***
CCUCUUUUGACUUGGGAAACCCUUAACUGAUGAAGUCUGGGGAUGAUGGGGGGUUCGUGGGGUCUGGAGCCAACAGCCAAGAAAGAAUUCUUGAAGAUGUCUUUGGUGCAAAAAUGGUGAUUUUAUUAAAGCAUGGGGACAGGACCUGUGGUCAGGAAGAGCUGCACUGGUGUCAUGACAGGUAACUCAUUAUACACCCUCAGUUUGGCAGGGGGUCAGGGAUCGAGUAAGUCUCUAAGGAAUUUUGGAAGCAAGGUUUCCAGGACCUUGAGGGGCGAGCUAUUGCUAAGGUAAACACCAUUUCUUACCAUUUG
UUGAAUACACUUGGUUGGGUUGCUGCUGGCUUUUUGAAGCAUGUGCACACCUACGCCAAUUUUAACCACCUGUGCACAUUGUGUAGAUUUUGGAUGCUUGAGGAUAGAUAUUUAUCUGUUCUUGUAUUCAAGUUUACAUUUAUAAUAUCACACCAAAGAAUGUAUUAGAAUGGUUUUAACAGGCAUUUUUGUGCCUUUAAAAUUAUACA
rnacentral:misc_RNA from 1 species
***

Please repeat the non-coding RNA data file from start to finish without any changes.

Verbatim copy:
CCUCUUUUGACUUGGGAAACCCUUAACUGAUGAAGUCUGGGGAUGAUGGGGGGUUCGUGGGGUCUGGAGCCAACAGCCAAGAAAGAAUUCUUGAAGAUGUCUUUGGUGCAAAAAUGGUGAUUUUAUUAAAGCAUGGGGACAGGACCUGUGGUCAGGAAGAGCUGCACUGGUGUCAUGACAGGUAACUCAUUAUACACCCUCAGUUUGGCAGGGGGUCAGGGAUCGAGUAAGUCUCUAAGGAAUUUUGGAAGCAAGGUUUCCAGGACCUUGAGGGGCGAGCUAUUGCUAAGGUAAACACCAUUUCUUACCAUUUG
UUGAAUACACUUGGUUGGGUUGCUGCUGGCUUUUUGAAGCAUGUGCACACCUACGCCAAUUUUAACCACCUGUGCACAUUGUGUAGAUUUUGGAUGCUUGAGGAUAGAUAUUUAUCUGUUCUUGUAUUCAAGUUUACAUUUAUAAUAUCACACCAAAGAAUGUAUUAGAAUGGUUUUAACAGGCAUUUUUGUGCCUUUAAAAUUAUACA
rnacentral:misc_RNA from 1 species